Friday, December 25, 2015

Feliz Navidada Desde Nicaragua

The buildup to Christmas here in Nicaragua was such an amazing "not in your face 27/7 commercialization" experience. Don't get me wrong. I am sipping a great cup of coffee with sore legs thighs and a bit of a post Christmas Eve dinner sore head, all the makings of a standard Christmas eve....well the sore head part anyways. Stores and street vendors were selling trees, ornaments, toys and candy and the main square had lights and amazing display booths. The difference compared to the Wallmartization of Canada is dramatic in it's obviousness.

I did not spend Christmas eve day running around looking for last minute gifts, fighting lines at the beer and liquor stores, looking for last minute food items or stopping for a pint to complain about it. What I did was lead a group of 14 excited travelers up Cerro Negro for their Volcano Boarding Experience.

It was a diverse group in both nationality and age.  The youngest was 13 and the oldest 67. The day was hot and as usual the wind picked up the higher we went. The 4 older of the group were slow to climb and the usual 30 - 40 minutes took 90. With big hearts and determination everyone made it to the top. At times during the climb a few of the younger guys came back down to help carry back packs and boards of hikers that were a bit slow. What an amazing show of solidarity and support. Human decency was alive and well on Cerro Negro.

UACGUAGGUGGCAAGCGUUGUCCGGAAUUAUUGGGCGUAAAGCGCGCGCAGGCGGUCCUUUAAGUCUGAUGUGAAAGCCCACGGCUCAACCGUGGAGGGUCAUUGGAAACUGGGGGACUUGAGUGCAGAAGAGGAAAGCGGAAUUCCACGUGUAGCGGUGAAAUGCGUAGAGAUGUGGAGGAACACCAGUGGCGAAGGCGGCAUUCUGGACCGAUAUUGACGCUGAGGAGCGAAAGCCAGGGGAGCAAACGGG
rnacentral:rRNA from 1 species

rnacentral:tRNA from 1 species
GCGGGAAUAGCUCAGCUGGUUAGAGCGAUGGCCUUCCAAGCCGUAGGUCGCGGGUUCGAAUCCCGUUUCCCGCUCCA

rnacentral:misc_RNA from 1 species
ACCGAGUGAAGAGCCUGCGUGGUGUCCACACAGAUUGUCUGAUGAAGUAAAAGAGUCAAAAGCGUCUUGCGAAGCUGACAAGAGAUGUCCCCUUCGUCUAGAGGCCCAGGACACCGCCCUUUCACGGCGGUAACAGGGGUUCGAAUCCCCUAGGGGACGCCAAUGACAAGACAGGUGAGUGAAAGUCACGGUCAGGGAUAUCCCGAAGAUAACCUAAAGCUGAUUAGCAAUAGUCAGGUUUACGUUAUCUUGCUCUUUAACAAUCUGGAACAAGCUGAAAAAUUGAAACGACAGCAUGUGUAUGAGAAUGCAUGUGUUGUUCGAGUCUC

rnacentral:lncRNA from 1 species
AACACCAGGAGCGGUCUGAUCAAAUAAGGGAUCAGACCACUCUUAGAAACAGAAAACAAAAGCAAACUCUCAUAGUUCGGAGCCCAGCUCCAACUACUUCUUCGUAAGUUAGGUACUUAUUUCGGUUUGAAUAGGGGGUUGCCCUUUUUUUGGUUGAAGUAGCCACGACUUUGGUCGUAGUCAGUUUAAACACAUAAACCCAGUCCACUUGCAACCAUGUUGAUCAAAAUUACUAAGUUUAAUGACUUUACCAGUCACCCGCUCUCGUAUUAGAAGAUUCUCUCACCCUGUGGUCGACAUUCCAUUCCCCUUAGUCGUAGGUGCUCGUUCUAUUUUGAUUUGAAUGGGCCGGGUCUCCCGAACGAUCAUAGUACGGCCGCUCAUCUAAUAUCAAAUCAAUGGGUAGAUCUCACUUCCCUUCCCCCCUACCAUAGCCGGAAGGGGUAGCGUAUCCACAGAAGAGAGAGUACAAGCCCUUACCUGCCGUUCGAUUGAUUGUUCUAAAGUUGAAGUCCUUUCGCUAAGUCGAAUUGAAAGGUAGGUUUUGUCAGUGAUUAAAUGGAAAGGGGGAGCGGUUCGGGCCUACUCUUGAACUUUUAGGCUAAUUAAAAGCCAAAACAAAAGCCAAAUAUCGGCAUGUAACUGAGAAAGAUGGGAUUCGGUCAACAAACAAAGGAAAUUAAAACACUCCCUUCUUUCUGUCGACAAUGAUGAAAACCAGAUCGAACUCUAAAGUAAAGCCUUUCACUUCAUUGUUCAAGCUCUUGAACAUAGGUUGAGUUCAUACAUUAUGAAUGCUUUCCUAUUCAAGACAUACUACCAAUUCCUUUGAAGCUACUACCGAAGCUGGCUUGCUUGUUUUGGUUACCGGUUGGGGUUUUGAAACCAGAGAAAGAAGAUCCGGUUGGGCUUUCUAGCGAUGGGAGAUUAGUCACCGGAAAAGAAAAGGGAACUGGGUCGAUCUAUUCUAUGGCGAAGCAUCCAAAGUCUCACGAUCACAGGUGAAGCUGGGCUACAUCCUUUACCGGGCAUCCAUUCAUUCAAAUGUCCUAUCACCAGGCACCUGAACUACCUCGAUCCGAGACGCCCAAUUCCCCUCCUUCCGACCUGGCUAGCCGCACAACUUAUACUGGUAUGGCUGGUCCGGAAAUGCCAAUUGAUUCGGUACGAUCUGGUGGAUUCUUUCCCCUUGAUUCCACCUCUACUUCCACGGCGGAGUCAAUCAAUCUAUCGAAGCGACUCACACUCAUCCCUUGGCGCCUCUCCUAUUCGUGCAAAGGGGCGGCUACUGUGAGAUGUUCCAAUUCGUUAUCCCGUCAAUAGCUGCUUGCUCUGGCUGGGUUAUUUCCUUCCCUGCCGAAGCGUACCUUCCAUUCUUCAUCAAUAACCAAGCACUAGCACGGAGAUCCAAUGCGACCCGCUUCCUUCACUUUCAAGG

Christmas Eve Day on Cerro Negro

Waiting patiently for the GO signal from me. (Used full zoom from my position)

The fun part of guiding Cerro Negro, aside from all the smiling excited faces thinking I know what I am doing as I lead them up and down the hill, is I get to run down the hill. The average boarder gets going about 40 km/h which when going seems like 130km/h. A few get the hang of it and pick up some decent speed. Seeing the mountain for the first time causes lots of nervous chatter usually punctuated with lots of "oh my gods". After hiking up and walking over to the drop off point the 45 degree pitch is immediately intimidating for the first timer. Many times the excited chatter stops and quiet reflections begin . Now back to running down and as I mentioned earlier. My sore legs and thighs were the result of running the 2388 ft. (728 m) down the volcano, twice! The 2 - 3 minute run is better than anytime in a gym staring at yourself in a mirror that's for sure.

We have the group stand at the drop off point and with some final safety instructions one of the guides runs halfway down to setup a viewing position. We need to see the top and the bottom of the hill and manage the boarders safety using a simple red flag/green flag system. Once the last boarder is headed down the hill both guides head for the bottom

My guide partner Lotta (Finland)  and a guide from another company running down from the top with a boarding in tow

Halfway down and yes, it is as steep as it looks

After a quick meeting at the bottom and check for any injuries, because they do happen, we walk to a meeting point for a brief snack. From there we decide who wants to go a second time. It is consistent that about 50% do not go a second time. A shout out to Quetzel Trekkers . We are the only company that offers the option of a second trip up and down as a part of the day (remember the sore legs and thighs thing), plus we provide snacks and lunch. Remember, all the workers are volunteers and all the money after expenses goes to a variety of charities and causes. You can read the Quetzel Trekkers Blog Here for some great insight.  Please consider this when you think about having this adventure. That may be our  biggest competitive on paper. I think it is that we all volunteer to volunteer and want to be there.